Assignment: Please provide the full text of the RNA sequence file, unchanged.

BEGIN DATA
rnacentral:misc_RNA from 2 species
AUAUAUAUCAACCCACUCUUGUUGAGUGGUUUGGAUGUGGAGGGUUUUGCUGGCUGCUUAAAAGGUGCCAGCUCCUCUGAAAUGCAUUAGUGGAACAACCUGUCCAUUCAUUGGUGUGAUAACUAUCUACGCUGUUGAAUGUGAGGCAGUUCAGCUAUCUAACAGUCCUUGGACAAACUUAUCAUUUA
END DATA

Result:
rnacentral:misc_RNA from 2 species
AUAUAUAUCAACCCACUCUUGUUGAGUGGUUUGGAUGUGGAGGGUUUUGCUGGCUGCUUAAAAGGUGCCAGCUCCUCUGAAAUGCAUUAGUGGAACAACCUGUCCAUUCAUUGGUGUGAUAACUAUCUACGCUGUUGAAUGUGAGGCAGUUCAGCUAUCUAACAGUCCUUGGACAAACUUAUCAUUUA